1. MCTs have shorter molecular chain lengths than the fats found in most other foods, so are broken down and absorbed into the body faster, thus making them a quick energy source.

  2. Magnesium is the master mineral. Keto followers may be particularly prone to a deficiency because foods naturally high in magnesium, like beans and fruits, are also high in carbs and thus not eaten regularly.

  3. Omega-3s are helpful for those on a high-fat diet to keep in check the omega-3 to omega-6 ratio. In addition, science shows keto subjects also taking omega-3 supplements had even greater decreases in triglycerides, insulin and inflammatory markers compared to those who did not.5

  4. Enzymes: In light of increased fat intake, lipase enzymes—as well as proteolytic enzymes to help with protein digestion—may aid people contending with the very different macronutrient matrix surrounding a keto diet.

  5. Exogenous ketones: The more the merrier, and this is a way for keto diet followers to reach ketosis more quickly. BHB is the main ketone available as a dietary supplement.



1 Lyngstad A et al. “Investigating the Effect of Sex and Ketosis on Weight-Loss-Induced Changes in Appetite.” Am J Clin Nutr. 2019;109(6):1511-1518.

2 Bueno NB et al. “Very-Low-Carbohydrate Ketogenic Diet v. Low-Fat Diet for Long-Term Weight Loss: A Meta-Analysis of Randomised Controlled Trials.” Br J Nutr. 2013;110(7):1178-1187.

3 Boden G et al. “Effect of a Low-Carbohydrate Diet on Appetite, Blood Glucose Levels, and Insulin Resistance in Obese Patients with Type 2 Diabetes.” Ann Intern Med. 2005;142(6):403-411.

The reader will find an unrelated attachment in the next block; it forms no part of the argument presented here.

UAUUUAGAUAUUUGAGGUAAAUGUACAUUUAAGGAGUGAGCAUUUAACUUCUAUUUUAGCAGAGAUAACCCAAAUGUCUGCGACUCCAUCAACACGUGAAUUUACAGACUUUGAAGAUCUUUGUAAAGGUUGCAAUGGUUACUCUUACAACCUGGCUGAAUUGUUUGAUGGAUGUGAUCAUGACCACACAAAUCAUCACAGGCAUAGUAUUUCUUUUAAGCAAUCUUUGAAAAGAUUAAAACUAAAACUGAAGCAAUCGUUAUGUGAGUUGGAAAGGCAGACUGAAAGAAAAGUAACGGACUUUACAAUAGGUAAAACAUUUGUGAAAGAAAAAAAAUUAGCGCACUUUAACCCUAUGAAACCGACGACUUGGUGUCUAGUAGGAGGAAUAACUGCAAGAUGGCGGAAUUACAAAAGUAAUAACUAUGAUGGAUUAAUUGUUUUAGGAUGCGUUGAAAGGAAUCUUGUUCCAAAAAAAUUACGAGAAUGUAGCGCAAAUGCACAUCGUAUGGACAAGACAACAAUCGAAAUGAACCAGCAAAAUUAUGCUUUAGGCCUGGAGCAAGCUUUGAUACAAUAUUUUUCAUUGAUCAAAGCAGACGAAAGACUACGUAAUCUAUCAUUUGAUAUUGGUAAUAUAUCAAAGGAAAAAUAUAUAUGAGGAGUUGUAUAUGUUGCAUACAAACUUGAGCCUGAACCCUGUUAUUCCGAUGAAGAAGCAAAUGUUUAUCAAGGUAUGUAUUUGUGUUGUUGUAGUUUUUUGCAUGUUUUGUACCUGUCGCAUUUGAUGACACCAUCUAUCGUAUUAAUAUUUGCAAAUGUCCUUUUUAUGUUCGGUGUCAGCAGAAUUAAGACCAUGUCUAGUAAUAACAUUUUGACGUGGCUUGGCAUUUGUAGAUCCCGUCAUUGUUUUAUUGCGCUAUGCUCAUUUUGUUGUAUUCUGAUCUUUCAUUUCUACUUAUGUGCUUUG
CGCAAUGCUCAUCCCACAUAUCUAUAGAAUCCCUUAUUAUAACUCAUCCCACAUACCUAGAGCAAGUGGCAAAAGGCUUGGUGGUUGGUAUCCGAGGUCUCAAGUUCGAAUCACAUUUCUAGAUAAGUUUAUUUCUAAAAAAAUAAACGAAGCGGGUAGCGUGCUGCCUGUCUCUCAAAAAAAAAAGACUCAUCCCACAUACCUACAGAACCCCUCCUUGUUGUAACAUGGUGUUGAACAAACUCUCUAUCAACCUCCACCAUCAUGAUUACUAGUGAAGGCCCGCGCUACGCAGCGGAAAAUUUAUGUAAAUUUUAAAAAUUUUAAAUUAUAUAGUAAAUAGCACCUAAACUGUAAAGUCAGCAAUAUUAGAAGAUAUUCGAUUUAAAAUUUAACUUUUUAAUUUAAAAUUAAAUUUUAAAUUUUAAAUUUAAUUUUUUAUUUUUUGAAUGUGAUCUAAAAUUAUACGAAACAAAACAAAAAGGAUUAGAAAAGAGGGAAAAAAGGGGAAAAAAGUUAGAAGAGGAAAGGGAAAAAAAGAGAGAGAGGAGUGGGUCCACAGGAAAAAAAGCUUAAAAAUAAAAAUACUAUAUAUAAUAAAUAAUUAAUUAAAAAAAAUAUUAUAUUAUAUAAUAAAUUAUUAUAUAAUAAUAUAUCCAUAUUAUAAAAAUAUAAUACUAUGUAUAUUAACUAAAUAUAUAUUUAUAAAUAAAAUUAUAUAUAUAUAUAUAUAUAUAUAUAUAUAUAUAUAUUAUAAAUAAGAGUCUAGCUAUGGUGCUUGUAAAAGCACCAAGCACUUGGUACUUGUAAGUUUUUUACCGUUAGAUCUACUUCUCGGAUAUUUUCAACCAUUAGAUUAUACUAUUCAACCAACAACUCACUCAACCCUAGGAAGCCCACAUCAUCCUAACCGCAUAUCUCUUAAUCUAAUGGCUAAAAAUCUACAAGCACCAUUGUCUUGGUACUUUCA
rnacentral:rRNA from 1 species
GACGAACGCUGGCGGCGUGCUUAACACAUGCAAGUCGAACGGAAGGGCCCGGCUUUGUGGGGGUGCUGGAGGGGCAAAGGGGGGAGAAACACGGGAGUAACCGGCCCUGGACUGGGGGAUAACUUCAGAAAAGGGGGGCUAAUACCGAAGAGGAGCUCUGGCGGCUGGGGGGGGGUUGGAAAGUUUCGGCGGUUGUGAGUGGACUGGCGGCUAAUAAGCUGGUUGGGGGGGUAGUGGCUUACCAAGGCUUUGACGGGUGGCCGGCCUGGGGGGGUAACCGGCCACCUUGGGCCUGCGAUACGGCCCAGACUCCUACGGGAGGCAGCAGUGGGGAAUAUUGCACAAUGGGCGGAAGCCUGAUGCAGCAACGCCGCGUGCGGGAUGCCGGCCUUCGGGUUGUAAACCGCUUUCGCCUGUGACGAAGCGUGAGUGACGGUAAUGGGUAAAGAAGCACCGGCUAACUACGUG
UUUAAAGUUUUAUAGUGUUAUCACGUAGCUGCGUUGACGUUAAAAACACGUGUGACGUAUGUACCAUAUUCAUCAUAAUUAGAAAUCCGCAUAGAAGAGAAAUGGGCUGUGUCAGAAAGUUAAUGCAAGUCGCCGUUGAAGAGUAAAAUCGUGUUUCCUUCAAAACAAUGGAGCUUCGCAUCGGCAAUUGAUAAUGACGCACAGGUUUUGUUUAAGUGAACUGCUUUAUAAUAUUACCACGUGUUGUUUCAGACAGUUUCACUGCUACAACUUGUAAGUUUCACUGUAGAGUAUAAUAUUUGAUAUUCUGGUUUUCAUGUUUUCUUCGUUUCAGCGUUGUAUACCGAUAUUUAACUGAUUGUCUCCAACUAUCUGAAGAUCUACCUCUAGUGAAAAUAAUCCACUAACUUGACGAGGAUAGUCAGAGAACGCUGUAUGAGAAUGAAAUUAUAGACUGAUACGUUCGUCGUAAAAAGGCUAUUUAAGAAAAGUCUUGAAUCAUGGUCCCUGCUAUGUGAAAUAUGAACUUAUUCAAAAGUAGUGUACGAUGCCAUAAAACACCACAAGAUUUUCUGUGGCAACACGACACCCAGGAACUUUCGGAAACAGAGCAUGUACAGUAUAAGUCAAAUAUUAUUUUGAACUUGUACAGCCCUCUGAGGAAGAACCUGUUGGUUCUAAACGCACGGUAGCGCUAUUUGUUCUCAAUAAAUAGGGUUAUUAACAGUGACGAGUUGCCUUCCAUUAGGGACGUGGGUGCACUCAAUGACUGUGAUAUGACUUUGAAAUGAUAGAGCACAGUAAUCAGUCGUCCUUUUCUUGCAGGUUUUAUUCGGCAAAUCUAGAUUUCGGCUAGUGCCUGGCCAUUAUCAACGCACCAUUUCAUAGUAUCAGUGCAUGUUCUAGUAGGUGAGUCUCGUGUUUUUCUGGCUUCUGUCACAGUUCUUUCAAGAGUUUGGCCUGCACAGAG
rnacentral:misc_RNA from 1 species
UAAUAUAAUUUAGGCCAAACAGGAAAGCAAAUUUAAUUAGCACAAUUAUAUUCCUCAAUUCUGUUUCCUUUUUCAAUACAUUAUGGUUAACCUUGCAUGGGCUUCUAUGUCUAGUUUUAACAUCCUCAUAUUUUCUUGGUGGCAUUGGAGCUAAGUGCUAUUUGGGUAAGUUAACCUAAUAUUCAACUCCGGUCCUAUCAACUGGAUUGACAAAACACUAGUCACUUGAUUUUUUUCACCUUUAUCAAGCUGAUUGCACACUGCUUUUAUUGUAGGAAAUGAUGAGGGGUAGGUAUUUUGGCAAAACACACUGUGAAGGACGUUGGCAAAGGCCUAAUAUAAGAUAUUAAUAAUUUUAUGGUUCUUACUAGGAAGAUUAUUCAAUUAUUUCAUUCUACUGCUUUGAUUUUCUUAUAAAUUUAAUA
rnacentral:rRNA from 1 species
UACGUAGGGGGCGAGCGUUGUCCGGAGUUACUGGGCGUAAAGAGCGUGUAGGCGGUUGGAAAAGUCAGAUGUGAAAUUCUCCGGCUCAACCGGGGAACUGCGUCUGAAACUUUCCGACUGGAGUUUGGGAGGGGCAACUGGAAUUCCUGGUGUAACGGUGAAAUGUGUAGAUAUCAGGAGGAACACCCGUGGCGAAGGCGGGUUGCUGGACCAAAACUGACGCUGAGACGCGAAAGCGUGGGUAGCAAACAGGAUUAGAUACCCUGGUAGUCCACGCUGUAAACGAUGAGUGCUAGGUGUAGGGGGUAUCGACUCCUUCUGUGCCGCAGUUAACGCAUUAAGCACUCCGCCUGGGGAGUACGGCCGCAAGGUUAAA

4 Bray GA. “Is There Something Special about Low-Carbohydrate Diets?” Ann Intern Med. 2005;142(6):469-470.

5 Paoli A et al. “Effects of n-3 Polyunsaturated Fatty Acids Supplementation on Some Cardiovascular Risk Factors with a Ketogenic Mediterranean Diet.” Mar Drugs. 2015;13(2):996-1009.

About the Author(s)

Todd Runestad

Content Director,, Natural Products Insider

Todd Runestad has been writing on nutrition science news since 1997. He is content director for and Natural Products Insider digital magazines. Other incarnations: supplements editor for, Delicious Living!, and Natural Foods Merchandiser. Former editor-in-chief of Functional Ingredients magazine and still covers raw material innovations and ingredient science.

Connect with me here on LinkedIn.


Todd writes about nutrition science news such as this story on mitochondrial nutrients, innovative ingredients such as this story about 12 trendy new ingredient launches from SupplySide West 2023, and is a judge for the NEXTY awards honoring innovation, integrity and inspiration in natural products including his specialty — dietary supplements. He extensively covered the rise and rise and rise and fall of cannabis hemp CBD. He helps produce in-person events at SupplySide West and SupplySide East trade shows and conferences, including the wildly popular Ingredient Idol game show, as well as Natural Products Expo West and Natural Products Expo East and the NBJ Summit. He was a board member for the Hemp Industries Association.

Education / Past Lives

In previous lives Todd was on the other side of nature from natural products — natural history — as managing editor at the Denver Museum of Nature & Science. He's sojourned to Burning Man and Mount Everest. He graduated many moons ago from the State University of New York College at Oneonta.